Despite significant pressure to help with the OOP requirements, the commercial payer system is actually moving in the opposite direction. For Medicare Part D, expansion of the amount manufacturers can provide to offset the cost to patients has offered relief to many, but CMS has also passed rulings to allow copay accumulator programs, a controversial insurance practice that blocks some OOP assistance payments from counting toward a patient’s annual insurance deductible. Copay tiering is one of the most important tools payers use to incentivize appropriate use for prescription drugs, but accumulator programs frequently impact critically ill patients such as those with cancer, who do not have less costly alternatives to choose from.

The ways in which patients engage with the system can offer an opportunity for payer savings and potential alignment of our new reality with payer preference. For example, telemedicine and home care, desirable sites of care from the payer perspective, have both seen an increase in usage. The number of telemedicine visits rose rapidly in the beginning of the pandemic, then leveled. As people are beginning to return to their doctors, it remains to be seen if there will be a lasting increase in home care/telemedicine. But if there is, these changes would be very positive for payers.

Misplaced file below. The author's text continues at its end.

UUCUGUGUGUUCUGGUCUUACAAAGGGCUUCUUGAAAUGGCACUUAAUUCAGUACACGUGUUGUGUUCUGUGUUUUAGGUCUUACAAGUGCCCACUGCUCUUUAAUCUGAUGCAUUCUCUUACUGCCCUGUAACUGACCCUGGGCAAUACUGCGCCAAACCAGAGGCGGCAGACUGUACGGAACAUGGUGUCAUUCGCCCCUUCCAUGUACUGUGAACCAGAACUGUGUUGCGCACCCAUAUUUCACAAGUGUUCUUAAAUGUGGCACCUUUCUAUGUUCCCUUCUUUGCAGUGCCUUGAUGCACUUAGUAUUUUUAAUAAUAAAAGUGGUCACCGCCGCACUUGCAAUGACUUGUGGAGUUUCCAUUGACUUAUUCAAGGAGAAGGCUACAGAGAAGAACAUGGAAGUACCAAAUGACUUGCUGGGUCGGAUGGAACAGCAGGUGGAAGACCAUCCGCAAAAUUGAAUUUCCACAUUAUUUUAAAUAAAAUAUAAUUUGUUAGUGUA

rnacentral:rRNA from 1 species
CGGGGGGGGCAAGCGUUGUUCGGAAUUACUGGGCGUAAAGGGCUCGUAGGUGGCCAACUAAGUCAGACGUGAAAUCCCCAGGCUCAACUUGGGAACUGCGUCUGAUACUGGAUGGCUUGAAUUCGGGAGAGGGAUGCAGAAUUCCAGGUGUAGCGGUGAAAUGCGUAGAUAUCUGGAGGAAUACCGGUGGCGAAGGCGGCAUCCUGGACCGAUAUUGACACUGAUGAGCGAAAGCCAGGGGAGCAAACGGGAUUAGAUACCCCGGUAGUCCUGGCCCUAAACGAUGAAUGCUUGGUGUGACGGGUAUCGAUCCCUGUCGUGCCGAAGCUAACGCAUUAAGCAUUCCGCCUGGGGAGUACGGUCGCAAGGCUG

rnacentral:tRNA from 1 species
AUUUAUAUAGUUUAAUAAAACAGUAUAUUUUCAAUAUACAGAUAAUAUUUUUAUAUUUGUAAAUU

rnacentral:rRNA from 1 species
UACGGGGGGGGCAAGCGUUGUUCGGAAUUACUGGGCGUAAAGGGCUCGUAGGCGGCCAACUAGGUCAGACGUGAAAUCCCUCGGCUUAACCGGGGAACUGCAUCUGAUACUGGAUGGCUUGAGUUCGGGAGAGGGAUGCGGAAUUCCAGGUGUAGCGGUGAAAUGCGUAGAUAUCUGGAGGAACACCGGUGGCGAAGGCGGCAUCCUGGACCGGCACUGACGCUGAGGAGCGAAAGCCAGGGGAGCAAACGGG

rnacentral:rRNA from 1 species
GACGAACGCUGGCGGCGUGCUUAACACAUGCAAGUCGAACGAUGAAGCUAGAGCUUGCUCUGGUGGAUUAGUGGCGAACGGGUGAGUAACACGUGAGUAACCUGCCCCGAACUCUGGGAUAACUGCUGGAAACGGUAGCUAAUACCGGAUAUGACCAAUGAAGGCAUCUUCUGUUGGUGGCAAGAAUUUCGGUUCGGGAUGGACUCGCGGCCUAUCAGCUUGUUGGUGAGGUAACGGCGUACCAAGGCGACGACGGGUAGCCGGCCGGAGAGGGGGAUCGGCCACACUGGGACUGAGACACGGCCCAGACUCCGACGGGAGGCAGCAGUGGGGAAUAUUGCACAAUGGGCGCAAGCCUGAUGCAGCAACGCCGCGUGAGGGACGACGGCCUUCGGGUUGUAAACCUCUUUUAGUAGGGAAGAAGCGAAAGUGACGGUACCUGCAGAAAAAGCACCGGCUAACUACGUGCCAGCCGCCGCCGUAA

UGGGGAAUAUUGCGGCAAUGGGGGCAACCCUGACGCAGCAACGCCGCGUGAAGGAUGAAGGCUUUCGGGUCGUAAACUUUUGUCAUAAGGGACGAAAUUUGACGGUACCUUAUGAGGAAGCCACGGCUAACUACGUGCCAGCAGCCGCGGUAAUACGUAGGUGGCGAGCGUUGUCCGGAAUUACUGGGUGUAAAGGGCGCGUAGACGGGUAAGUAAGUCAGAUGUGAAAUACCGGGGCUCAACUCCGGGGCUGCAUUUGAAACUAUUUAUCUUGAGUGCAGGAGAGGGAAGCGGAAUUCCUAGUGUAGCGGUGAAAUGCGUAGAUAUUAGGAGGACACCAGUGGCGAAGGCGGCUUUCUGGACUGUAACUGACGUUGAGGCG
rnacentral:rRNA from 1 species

How Many Are Adequately Insured?

Commonwealth Fund’s latest Biennial Health Insurance Survey10 investigated three aspects of the adequacy of insurance coverage in the U.S. for 2020: 1) whether people have insurance; 2) if they have insurance, whether they experienced a gap in coverage in the prior year; and 3) whether high OOP costs and deductibles are causing them to be underinsured, despite having continuous coverage throughout the year. The study found that in the first half of 2020, 43.4% of U.S. adults aged 19 to 64 years were inadequately insured.

However, between the months leading up to the pandemic and the months that followed no statistically significant change in coverage inadequacy was found, but this may change as the pandemic continues. Having insurance does not mean you are adequately insured. This situation is not good for payers either. Underinsured adults are more likely to use urgent care or an emergency room as their principal places of care,11 which are more costly for payers.